WHAT DO WE KNOW ABOUT DECISION MAKING UNDER RISK AND WHERE DO WE GO FROM HERE?
By: Buschena, David E.; Zilberman, David
Buschena, David E.; Zilberman, David, WHAT DO WE KNOW ABOUT DECISION MAKING UNDER RISK AND WHERE DO WE GO FROM HERE?, Journal of Agricultural and Resource Economics, Volume 19, Issue 2, December 1994, Pages 225-238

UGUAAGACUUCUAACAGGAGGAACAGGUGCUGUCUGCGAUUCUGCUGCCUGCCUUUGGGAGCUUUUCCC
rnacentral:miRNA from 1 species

This article reviews two major approached used in the past for risk analysis - the expected utility approach and the use of safety rules and endeavors to reconcile their applicability and use in light of the recent nonexpected utility risk literature and working using the mean-Gini coefficient for risk analysis. This leads to the identification of several "reduced form" hypotheses that hold under a variety of theoretical structures and to a discussion of some empirical evidence regarding these hypotheses. The major lesson of recent research of individual behavior under risk is that it is not always consistent with the expected utility approach; in short, there is no generic model for evaluating behavior under risk.